With its roots in the British trade union movement, political blackness is an umbrella term used to refer to all the people who are likely to experience racial discrimination based on skin colour. Historically in the trade union movement, it was understood that whether you were black Caribbean or brown Pakistani, you would still be considered sub-human, or at least a second-class citizen, in the UK. Thus, trade unionists began to employ this term to unite workers and create a collective voice that is more powerful than the word “minority” suggests.
It is in this British context of political blackness that Black History Month in October every year has not been restricted to black American, Caribbean and African history. Instead, it has included the histories of all people of colour – notably Asian history.
However, political blackness has been criticised over the years. Since many outside of the trade union movement do not understand the history and meaning of the term, there have been misunderstandings between well-intentioned anti-racist activists and the public (e.g. tabloids picking up on Zayn Malik’s photo being used to promote Black History Month, sparking outrage).
Moreover, some black Americans have criticised the term for allowing non-black people of colour to benefit from anti-racist activism while erasing, if not appropriating black voices. While this might be a result of cultural misunderstandings, there is a case to be made. Non-black people of colour (NBPOC) have the potential to perpetuate anti-black racism, especially when anti-blackness is so prevalent in some of their cultures (e.g. consider all the skin-whitening products in Asia). NBPOC need to be conscious of this in their activism.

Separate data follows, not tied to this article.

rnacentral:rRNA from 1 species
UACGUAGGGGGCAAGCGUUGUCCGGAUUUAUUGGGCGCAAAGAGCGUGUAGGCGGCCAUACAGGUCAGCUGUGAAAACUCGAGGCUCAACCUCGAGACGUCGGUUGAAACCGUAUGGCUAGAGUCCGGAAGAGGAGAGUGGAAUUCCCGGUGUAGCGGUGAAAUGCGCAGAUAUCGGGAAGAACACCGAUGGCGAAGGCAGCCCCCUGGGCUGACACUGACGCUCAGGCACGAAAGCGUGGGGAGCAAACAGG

At the end of the day, if we are to educate ourselves, learn the history of the term and respect the intentions behind it, political blackness is a powerful concept inducing solidarity in a country where there are not that many people of colour statistically. Nevertheless, language is fluid and dynamic – political blackness may endure time or one day become outdated.
One of our podcast episodes examines the benefits and drawbacks of political blackness in Scotland today.
Author of Why I'm No Longer Talking to White People About Race, Reni Eddo-Lodge discusses the history, the value and the issues of political blackness in the her podcast. In the episode, she interviews the Shadow Home Secretary, Diane Abbott, a member of the British Black Panther movement in the 1970s, Farrukh Dhondy, two younger feminist activists and rapper, author and activist, Akala.
An interesting article by GalDem also weighs the pros and cons of political blackness.